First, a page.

EP3105737A1 - Method and system for displaying a timing signal for surgical instrument insertion in surgical procedures - Google Patents

Method and system for displaying a timing signal for surgical instrument insertion in surgical procedures

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Publication number
EP3105737A1
EP3105737A1 EP15748648.1A EP15748648A EP3105737A1 EP 3105737 A1 EP3105737 A1 EP 3105737A1 EP 15748648 A EP15748648 A EP 15748648A EP 3105737 A1 EP3105737 A1 EP 3105737A1
Authority
EP
European Patent Office
Prior art keywords
lesion
positions
display objects
display
similarity measures
Prior art date
Legal status (The legal status is an assumption and is not a legal conclusion. Google has not performed a legal analysis and makes no representation as to the accuracy of the status listed.)
Pending
Application number
EP15748648.1A
Other languages
German (de)
French (fr)
Other versions
EP3105737A4 (en
Inventor
Guo-Qing Wei
Xin Dou
Cheng-Chung Liang
Li Fan
Jian-Zhong Qian
Xiaolan Zeng
Current Assignee (The listed assignees may be inaccurate. Google has not performed a legal analysis and makes no representation or warranty as to the accuracy of the list.)
EDDA Technology Inc
Original Assignee
EDDA Technology Inc
Priority date (The priority date is an assumption and is not a legal conclusion. Google has not performed a legal analysis and makes no representation as to the accuracy of the date listed.)
Filing date
Publication date
Priority to US201461938986P priority Critical
Priority to US14/619,576 priority patent/US10083278B2/en
Application filed by EDDA Technology Inc filed Critical EDDA Technology Inc
Priority to PCT/US2015/015581 priority patent/WO2015123401A1/en
Publication of EP3105737A1 publication Critical patent/EP3105737A1/en
Publication of EP3105737A4 publication Critical patent/EP3105737A4/en
Pending legal-status Critical Current

Links

Classifications

    • GPHYSICS
    • G16INFORMATION AND COMMUNICATION TECHNOLOGY [ICT] SPECIALLY ADAPTED FOR SPECIFIC APPLICATION FIELDS
    • G16HHEALTHCARE INFORMATICS, i.e. INFORMATION AND COMMUNICATION TECHNOLOGY [ICT] SPECIALLY ADAPTED FOR THE HANDLING OR PROCESSING OF MEDICAL OR HEALTHCARE DATA
    • G16H30/00ICT specially adapted for the handling or processing of medical images
    • G16H30/40ICT specially adapted for the handling or processing of medical images for processing medical images, e.g. editing
    • AHUMAN NECESSITIES
    • A61MEDICAL OR VETERINARY SCIENCE; HYGIENE
    • A61BDIAGNOSIS; SURGERY; IDENTIFICATION
    • A61B34/00Computer-aided surgery; Manipulators or robots specially adapted for use in surgery
    • A61B34/20Surgical navigation systems; Devices for tracking or guiding surgical instruments, e.g. for frameless stereotaxis
    • GPHYSICS
    • G16INFORMATION AND COMMUNICATION TECHNOLOGY [ICT] SPECIALLY ADAPTED FOR SPECIFIC APPLICATION FIELDS
    • G16HHEALTHCARE INFORMATICS, i.e. INFORMATION AND COMMUNICATION TECHNOLOGY [ICT] SPECIALLY ADAPTED FOR THE HANDLING OR PROCESSING OF MEDICAL OR HEALTHCARE DATA
    • G16H20/00ICT specially adapted for therapies or health-improving plans, e.g. for handling prescriptions, for steering therapy or for monitoring patient compliance
    • G16H20/40ICT specially adapted for therapies or health-improving plans, e.g. for handling prescriptions, for steering therapy or for monitoring patient compliance relating to mechanical, radiation or invasive therapies, e.g. surgery, laser therapy, dialysis or acupuncture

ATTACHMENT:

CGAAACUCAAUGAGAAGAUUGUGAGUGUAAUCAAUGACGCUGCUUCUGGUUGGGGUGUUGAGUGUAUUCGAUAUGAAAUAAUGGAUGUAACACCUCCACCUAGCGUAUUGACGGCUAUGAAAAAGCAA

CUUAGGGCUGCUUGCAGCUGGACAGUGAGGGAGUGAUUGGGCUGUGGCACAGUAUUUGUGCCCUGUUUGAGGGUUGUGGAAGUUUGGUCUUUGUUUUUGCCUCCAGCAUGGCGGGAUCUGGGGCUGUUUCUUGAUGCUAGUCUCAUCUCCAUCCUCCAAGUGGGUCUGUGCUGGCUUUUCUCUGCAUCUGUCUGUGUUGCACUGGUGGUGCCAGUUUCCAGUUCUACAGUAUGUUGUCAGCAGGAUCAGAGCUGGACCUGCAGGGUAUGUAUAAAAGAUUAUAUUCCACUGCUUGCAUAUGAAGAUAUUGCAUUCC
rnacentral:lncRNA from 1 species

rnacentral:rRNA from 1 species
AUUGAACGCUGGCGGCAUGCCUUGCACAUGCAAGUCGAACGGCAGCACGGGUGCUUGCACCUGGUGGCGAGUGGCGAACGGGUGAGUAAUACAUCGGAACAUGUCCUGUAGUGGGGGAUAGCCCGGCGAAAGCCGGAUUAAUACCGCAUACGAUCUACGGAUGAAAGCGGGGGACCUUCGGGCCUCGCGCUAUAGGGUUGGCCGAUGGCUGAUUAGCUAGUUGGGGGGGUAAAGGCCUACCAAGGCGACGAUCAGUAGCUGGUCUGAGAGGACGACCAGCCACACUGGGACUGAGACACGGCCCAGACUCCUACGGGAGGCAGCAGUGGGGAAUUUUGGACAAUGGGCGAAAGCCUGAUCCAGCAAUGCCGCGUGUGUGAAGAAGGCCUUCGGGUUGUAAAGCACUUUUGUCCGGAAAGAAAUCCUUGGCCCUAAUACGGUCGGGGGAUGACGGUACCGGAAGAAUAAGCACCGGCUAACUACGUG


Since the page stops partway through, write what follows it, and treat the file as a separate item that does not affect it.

• GPHYSICS
    • G16INFORMATION AND COMMUNICATION TECHNOLOGY [ICT] SPECIALLY ADAPTED FOR SPECIFIC APPLICATION FIELDS
    • G16HHEALTHCARE INFORMATICS, i.e. INFORMATION AND COMMUNICATION TECHNOLOGY [ICT] SPECIALLY ADAPTED FOR THE HANDLING OR PROCESSING OF MEDICAL OR HEALTHCARE DATA
    • G16H30/00ICT specially adapted for the handling or processing of medical images
    • G16H30/20ICT specially adapted for the handling or processing of medical images for handling medical images, e.g. DICOM, HL7 or PACS
    • AHUMAN NECESSITIES
    • A61MEDICAL OR VETERINARY SCIENCE; HYGIENE
    • A61BDIAGNOSIS; SURGERY; IDENTIFICATION
    • A61B17/00Surgical instruments, devices or methods, e.g. tourniquets
    • A61B17/34Trocars; Puncturing needles
    • A61B17/3403Needle locating or guiding means
    • AHUMAN NECESSITIES
    • A61MEDICAL OR VETERINARY SCIENCE; HYGIENE
    • A61BDIAGNOSIS; SURGERY; IDENTIFICATION
    • A61B17/00Surgical instruments, devices or methods, e.g. tourniquets
    • A61B2017/00017Electrical control of surgical instruments
    • A61B2017/00115Electrical control of surgical instruments with audible or visual output
    • A61B2017/00119Electrical control of surgical instruments with audible or visual output alarm; indicating an abnormal situation
    • AHUMAN NECESSITIES
    • A61MEDICAL OR VETERINARY SCIENCE; HYGIENE
    • A61BDIAGNOSIS; SURGERY; IDENTIFICATION
    • A61B17/00Surgical instruments, devices or methods, e.g. tourniquets
    • A61B2017/00681Aspects not otherwise provided for
    • A61B2017/00694Aspects not otherwise provided for with means correcting for movement of or for synchronisation with the body
    • A61B2017/00699Aspects not otherwise provided for with means correcting for movement of or for synchronisation with the body correcting for movement caused by respiration, e.g. by triggering
    • AHUMAN NECESSITIES
    • A61MEDICAL OR VETERINARY SCIENCE; HYGIENE
    • A61BDIAGNOSIS; SURGERY; IDENTIFICATION
    • A61B34/00Computer-aided surgery; Manipulators or robots specially adapted for use in surgery
    • A61B34/10Computer-aided planning, simulation or modelling of surgical operations
    • A61B2034/101Computer-aided simulation of surgical operations